In mid September, NARA conducted its 2015 Annual Meeting in Spokane, WA. This meeting marked the conclusion of the Northwest Advanced Renewables Alliance Project’s fourth year, and the launch of its last year under the contractual terms with the United States Department of Agriculture’s National Institute of Food and Agriculture (USDA-NIFA). Those in attendance were NARA members, NARA Advisory Committee members, William Goldner (USDA-NIFA), and invited stakeholders.
The primary purposes of this year’s Annual Meeting were to:
1) review what had been accomplished in the previous year and highlight the key lessons learned during that time; and
2) define the intended outcomes to be achieved by the conclusion of the Project in mid-2016 and strategize how those outcomes would be accomplished.
Day one of the Annual Meeting provided briefings on the Project’s progress since the previous 2014 annual meeting. These briefings consisted of presentations and an evening poster session and were tailored to update stakeholders and receive their input.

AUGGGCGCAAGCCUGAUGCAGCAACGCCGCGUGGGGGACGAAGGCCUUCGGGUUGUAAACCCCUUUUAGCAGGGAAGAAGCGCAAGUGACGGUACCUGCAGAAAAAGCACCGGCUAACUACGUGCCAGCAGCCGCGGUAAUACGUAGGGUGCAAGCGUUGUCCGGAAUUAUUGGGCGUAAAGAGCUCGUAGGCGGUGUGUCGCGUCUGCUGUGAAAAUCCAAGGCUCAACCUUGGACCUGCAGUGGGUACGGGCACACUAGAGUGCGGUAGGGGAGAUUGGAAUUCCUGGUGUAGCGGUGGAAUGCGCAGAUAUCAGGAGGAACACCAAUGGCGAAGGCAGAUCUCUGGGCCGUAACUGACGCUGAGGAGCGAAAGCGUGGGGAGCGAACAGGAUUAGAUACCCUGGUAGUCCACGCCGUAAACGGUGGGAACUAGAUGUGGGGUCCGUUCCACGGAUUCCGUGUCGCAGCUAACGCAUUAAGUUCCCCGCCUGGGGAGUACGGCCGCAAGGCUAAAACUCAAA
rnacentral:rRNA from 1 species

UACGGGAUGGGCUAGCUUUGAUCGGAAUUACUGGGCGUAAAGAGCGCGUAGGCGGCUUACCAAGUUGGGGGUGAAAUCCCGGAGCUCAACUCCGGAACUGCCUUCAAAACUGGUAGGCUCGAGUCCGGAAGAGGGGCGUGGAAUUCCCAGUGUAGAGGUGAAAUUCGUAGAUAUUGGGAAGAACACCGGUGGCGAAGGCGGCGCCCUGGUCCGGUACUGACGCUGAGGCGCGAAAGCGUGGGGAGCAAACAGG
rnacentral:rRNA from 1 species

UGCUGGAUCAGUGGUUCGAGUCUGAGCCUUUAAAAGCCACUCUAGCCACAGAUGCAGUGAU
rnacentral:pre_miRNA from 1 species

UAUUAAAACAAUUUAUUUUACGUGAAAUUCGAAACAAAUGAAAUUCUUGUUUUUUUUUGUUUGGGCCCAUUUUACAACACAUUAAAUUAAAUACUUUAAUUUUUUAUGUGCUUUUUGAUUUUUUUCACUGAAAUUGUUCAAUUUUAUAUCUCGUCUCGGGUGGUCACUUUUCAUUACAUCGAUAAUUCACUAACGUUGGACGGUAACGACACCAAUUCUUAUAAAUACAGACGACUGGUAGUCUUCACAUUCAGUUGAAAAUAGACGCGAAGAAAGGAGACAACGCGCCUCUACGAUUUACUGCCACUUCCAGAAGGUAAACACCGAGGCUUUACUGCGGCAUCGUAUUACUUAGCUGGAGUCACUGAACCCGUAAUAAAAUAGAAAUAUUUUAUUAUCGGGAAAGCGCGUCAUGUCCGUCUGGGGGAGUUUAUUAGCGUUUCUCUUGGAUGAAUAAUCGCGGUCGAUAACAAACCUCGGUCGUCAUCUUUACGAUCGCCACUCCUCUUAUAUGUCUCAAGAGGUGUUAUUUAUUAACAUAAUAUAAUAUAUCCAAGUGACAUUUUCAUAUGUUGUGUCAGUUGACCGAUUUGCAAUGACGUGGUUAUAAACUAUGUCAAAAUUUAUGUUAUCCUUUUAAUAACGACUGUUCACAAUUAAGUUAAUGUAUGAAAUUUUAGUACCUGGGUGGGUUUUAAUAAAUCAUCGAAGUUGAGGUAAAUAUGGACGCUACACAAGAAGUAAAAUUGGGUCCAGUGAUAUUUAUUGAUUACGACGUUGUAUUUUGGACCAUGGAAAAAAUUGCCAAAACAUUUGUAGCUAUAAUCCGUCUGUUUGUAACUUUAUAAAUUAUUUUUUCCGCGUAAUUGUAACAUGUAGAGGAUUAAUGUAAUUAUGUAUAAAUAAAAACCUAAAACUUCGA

The remaining days were designed to provide opportunities for NARA Project Teams to share information and perspectives with each other and strategize how they will work together during Year 5 to achieve the NARA Project’s vision and goals. The Project also heard recommendations from the NARA Advisory Committee and from USDA-NIFA leadership regarding key issues to consider, address or prioritize for the final Project year.
One of the key priorities for this final year is to develop public-private partnerships to advance commercialization and help build one or two pilot-scale facilities within the Pacific Northwest used to process post-harvest forest residuals into biojet fuel and co-products. Within the next few months, NARA will identify the most suitable facility site(s) using site selection data generated through analyses performed by the Integrated Design Experience (IDX) group. Once a site has been selected, further design and financing steps will follow. It is anticipated that a full life cycle assessment (LCA) will accompany the selected site.
Other priorities include enhanced outreach to policy makers and a comprehensive analysis of the “real world” impacts from removing biomass from post-harvest forest operations.